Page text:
The Independent

Is a Hurtigrute­n cruise really worth the effort?


Q We are considerin­g taking a Hurtigrute­n cruise along the Norwegian coast next year, flying from Gatwick and picking up the boat at Bergen. I know it’s not a traditiona­l cruise as such, and that you are aboard a working boat that carries goods to the various ports of call. Some of the reviews we have looked at

indicate that it can be crowded and that the additional expenses for drinks and excursions are high.

Val S

A I unreserved­ly commend Hurtigrute­n – the coastal ferry that connects Norwegian communitie­s between the fine city of Bergen and the Arctic, terminatin­g at Kirkenes just short of the Russian border.

With daily departures heading north and south between 34 coastal communitie­s, it is an essential social service as well as a clockwork testament to endurance.

But while Hurtigrute­n is part of the Norwegian psyche, the transport aspect is getting less and less important as airlines and better roads accelerate journeys. So for a couple of decades, spare capacity has been sold off cheaply to holidaymak­ers who want to cover long stretches of the voyage. It is extremely comfortabl­e and well run, with buffets that deflect the high cost of nearly everything in Norway. If you wish to drink, two words of advice: duty free (which convenient­ly is available on arrival at Bergen airport) in your cabin.

The three-day stretch between Bergen and Tromso, de facto capital of the Norwegian Arctic, is an excellent introducti­on – but having had a couple of voyages, I recommend the whole thing, especially the Arctic arc across the top of Norway. Excursions are expensive, but local transport is available or simply walk around – a joy in the enticing cities of Alesund and Trondheim.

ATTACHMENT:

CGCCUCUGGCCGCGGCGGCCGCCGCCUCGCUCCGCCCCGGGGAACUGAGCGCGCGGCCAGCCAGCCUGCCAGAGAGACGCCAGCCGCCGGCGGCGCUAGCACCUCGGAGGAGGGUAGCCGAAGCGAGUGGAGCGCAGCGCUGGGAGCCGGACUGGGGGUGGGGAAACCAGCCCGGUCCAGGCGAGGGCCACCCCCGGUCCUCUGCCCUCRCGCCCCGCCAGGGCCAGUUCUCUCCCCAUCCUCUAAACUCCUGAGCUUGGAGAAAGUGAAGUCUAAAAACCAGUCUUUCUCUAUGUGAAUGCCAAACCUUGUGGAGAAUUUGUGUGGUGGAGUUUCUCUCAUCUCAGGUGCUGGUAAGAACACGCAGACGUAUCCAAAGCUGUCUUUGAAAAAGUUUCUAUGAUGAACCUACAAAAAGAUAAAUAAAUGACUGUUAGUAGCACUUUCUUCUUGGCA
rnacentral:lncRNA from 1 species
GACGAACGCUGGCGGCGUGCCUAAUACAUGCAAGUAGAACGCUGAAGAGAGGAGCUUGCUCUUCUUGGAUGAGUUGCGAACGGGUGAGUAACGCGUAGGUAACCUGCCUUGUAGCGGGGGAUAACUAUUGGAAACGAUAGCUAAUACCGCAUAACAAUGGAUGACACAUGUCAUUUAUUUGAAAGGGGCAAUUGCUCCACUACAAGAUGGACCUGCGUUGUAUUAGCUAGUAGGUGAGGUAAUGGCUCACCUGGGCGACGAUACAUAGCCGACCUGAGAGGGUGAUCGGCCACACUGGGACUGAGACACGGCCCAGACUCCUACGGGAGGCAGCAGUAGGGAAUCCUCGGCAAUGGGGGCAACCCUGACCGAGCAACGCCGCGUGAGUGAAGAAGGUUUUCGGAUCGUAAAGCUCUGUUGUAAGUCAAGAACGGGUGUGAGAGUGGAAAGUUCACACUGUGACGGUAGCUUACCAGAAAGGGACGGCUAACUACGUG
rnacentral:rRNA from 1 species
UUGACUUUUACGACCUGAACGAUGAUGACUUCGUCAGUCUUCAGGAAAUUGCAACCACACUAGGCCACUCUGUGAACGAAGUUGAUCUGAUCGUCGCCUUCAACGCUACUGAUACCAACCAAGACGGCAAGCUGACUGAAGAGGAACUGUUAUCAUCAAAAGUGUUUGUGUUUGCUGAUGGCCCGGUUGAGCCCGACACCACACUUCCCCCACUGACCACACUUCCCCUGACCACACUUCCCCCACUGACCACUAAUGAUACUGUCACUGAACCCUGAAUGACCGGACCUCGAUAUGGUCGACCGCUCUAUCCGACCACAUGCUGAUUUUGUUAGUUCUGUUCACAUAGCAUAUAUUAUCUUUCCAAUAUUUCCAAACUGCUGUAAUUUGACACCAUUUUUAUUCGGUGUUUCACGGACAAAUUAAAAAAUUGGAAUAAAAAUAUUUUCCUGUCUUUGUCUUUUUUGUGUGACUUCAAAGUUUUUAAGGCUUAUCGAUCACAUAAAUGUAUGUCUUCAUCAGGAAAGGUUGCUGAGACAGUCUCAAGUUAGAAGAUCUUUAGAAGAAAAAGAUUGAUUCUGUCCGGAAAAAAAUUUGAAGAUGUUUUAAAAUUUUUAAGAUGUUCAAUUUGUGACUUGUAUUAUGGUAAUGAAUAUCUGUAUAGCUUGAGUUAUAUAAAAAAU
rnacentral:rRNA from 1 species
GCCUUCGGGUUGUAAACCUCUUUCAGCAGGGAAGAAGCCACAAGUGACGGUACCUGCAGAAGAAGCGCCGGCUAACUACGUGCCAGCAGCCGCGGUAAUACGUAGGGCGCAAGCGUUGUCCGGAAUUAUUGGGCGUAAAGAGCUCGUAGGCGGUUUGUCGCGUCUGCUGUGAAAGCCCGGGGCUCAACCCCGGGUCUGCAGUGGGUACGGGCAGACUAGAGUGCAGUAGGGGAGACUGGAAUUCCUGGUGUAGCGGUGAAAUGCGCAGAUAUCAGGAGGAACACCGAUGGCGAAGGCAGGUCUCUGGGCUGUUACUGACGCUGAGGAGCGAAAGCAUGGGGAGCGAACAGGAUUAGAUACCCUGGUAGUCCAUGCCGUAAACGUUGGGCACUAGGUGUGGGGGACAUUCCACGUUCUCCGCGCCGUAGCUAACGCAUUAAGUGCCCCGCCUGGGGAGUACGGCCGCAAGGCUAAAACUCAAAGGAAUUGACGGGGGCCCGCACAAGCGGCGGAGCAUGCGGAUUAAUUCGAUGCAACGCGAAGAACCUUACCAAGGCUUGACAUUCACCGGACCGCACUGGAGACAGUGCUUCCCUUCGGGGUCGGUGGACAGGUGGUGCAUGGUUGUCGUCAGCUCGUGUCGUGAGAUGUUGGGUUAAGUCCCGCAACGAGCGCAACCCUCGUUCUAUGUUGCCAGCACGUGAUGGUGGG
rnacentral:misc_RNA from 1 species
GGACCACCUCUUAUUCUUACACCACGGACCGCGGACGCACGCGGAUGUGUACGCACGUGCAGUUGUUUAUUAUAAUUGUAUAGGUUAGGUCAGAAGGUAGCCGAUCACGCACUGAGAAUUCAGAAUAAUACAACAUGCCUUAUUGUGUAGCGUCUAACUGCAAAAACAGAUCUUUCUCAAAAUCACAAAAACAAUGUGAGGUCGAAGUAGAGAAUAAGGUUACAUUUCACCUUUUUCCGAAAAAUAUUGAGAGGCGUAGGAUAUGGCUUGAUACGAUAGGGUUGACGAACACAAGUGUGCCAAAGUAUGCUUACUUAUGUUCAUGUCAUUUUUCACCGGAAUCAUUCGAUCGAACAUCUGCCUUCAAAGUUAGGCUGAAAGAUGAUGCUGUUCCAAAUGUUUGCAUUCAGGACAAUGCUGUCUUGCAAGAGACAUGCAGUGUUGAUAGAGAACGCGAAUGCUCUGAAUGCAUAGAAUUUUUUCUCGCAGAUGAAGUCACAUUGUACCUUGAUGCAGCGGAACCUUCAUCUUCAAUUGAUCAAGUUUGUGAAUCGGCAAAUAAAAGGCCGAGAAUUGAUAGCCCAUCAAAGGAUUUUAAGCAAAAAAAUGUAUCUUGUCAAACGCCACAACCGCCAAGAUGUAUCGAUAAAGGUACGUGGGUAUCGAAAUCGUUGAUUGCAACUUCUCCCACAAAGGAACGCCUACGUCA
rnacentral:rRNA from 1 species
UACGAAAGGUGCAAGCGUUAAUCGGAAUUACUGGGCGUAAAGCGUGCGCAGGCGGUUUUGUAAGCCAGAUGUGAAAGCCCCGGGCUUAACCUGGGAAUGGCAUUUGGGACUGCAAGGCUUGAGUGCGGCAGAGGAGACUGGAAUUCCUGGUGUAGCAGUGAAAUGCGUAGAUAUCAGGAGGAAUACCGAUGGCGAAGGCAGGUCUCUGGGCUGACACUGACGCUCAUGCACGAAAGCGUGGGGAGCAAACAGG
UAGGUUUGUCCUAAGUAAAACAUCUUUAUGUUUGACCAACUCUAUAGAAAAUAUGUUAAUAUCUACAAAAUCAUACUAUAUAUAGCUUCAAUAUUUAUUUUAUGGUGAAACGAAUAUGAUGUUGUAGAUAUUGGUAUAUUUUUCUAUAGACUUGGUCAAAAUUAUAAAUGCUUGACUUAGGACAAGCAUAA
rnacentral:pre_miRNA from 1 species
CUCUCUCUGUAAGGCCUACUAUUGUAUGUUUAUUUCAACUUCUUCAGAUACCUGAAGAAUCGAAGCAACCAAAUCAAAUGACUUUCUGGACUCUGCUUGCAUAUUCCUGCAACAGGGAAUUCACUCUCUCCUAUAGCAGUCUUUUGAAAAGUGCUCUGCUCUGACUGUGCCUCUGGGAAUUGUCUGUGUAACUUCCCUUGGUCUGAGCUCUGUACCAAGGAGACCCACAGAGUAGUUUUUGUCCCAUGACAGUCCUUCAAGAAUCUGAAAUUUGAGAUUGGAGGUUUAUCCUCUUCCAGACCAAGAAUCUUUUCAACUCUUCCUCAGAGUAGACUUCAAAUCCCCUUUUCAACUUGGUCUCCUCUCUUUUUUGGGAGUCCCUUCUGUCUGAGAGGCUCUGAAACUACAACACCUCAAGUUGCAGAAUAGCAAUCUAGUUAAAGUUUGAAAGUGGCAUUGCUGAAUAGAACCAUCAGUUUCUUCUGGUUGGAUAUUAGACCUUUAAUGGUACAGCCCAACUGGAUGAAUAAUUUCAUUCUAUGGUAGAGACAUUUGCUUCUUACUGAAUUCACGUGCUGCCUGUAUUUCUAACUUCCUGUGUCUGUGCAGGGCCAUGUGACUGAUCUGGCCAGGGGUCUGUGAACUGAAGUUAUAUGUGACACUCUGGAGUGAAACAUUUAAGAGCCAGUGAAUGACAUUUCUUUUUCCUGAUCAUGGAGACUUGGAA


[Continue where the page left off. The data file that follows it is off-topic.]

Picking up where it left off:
For about the price of three good meals a day in Norway, you get three good meals a day plus six nights in a comfortabl­e cabin and 1,500 miles of travel. And I have never felt remotely crowded.

The only question: when to go? I can be specific: late February/early March or late October/early November. There is enough daylight to give plenty of time to enjoy the coastal spectacula­r as you drift past, and enough night to make it very likely you will experience the northern lights.

Finally, build in a 24- or 48-hour stop in Bergen at the start of your trip: it is an exceptiona­lly beautiful city in a superb setting.

Email your questions to or tweet @simoncalde­r

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 ??  ?? T he coasta l ferry is part of the Norwegian psyche and great va l ue (Simon Ca l der)
T he coasta l ferry is part of the Norwegian psyche and great va l ue (Simon Ca l der)

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